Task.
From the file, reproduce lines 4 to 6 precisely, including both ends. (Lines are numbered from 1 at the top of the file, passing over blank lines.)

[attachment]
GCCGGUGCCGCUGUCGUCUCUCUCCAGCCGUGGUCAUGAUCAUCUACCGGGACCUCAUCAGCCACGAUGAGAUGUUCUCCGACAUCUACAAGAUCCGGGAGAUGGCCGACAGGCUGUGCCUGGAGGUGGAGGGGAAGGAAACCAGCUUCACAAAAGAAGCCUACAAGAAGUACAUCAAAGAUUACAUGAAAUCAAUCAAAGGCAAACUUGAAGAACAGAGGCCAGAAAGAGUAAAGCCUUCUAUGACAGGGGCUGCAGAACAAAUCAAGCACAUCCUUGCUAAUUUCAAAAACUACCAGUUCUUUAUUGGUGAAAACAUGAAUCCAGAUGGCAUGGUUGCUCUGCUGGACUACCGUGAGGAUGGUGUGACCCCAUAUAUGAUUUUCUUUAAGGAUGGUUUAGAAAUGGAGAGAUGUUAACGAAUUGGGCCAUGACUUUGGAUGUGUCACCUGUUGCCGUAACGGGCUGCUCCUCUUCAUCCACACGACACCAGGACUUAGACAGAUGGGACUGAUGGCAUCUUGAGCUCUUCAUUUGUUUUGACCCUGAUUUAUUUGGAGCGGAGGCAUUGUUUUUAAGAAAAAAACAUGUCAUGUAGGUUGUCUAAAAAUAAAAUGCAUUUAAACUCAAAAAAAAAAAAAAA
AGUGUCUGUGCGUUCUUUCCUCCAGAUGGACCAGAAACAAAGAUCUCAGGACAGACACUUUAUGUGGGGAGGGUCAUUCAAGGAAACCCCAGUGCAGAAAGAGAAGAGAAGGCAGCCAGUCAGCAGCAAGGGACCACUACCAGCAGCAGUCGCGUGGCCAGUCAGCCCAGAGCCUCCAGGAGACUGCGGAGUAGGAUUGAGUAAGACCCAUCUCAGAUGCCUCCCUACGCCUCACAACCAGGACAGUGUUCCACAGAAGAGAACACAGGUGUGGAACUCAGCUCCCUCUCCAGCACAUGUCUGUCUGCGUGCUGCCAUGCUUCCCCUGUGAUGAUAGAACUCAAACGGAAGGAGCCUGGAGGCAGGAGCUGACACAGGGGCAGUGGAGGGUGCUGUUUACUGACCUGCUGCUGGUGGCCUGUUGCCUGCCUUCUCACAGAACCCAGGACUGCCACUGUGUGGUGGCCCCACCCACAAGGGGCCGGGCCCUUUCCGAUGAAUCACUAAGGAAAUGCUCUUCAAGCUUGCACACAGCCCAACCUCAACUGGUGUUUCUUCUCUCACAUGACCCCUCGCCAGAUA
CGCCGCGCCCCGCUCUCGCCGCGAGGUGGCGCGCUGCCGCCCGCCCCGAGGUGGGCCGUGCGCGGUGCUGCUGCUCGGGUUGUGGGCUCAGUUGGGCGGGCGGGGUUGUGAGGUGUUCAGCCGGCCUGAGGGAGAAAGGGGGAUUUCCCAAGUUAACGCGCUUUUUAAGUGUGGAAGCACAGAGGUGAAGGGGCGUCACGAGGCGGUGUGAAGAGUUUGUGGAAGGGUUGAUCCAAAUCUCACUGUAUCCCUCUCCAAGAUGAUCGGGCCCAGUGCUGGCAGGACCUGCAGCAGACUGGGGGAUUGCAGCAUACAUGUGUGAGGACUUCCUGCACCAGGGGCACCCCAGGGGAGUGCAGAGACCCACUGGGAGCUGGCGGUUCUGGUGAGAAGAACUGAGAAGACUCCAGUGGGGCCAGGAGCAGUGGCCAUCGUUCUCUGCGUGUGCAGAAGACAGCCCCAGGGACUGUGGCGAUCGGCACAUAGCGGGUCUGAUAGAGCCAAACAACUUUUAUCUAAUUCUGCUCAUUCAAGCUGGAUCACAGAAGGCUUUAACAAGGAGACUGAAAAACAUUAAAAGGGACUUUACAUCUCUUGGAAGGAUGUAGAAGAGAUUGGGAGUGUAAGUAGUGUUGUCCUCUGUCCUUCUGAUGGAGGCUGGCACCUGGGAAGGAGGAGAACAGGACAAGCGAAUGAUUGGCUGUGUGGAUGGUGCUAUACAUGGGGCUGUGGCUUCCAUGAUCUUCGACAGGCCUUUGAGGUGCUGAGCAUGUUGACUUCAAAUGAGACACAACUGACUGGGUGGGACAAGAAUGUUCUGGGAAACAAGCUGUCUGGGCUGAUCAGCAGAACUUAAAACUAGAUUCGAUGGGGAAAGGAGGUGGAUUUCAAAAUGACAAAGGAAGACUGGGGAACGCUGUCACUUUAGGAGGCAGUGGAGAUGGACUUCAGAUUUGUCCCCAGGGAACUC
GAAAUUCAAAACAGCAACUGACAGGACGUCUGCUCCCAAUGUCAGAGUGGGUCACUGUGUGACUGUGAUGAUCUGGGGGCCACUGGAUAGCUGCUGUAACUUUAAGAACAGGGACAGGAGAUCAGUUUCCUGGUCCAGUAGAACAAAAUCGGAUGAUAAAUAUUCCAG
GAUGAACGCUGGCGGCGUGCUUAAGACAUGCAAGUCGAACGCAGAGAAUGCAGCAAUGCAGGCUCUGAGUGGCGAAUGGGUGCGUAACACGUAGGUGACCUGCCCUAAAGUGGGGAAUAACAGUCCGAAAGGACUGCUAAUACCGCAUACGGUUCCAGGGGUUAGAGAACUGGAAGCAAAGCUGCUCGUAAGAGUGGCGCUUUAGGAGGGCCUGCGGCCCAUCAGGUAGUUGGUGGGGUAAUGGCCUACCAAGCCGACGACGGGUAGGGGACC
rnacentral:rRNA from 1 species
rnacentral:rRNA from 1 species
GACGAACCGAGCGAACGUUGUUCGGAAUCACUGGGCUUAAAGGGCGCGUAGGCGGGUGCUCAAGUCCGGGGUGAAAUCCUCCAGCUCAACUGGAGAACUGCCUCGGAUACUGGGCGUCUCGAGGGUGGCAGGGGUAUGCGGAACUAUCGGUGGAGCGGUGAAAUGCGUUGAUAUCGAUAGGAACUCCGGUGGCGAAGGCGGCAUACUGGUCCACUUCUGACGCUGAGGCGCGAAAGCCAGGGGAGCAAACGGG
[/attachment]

GAAAUUCAAAACAGCAACUGACAGGACGUCUGCUCCCAAUGUCAGAGUGGGUCACUGUGUGACUGUGAUGAUCUGGGGGCCACUGGAUAGCUGCUGUAACUUUAAGAACAGGGACAGGAGAUCAGUUUCCUGGUCCAGUAGAACAAAAUCGGAUGAUAAAUAUUCCAG
GAUGAACGCUGGCGGCGUGCUUAAGACAUGCAAGUCGAACGCAGAGAAUGCAGCAAUGCAGGCUCUGAGUGGCGAAUGGGUGCGUAACACGUAGGUGACCUGCCCUAAAGUGGGGAAUAACAGUCCGAAAGGACUGCUAAUACCGCAUACGGUUCCAGGGGUUAGAGAACUGGAAGCAAAGCUGCUCGUAAGAGUGGCGCUUUAGGAGGGCCUGCGGCCCAUCAGGUAGUUGGUGGGGUAAUGGCCUACCAAGCCGACGACGGGUAGGGGACC
rnacentral:rRNA from 1 species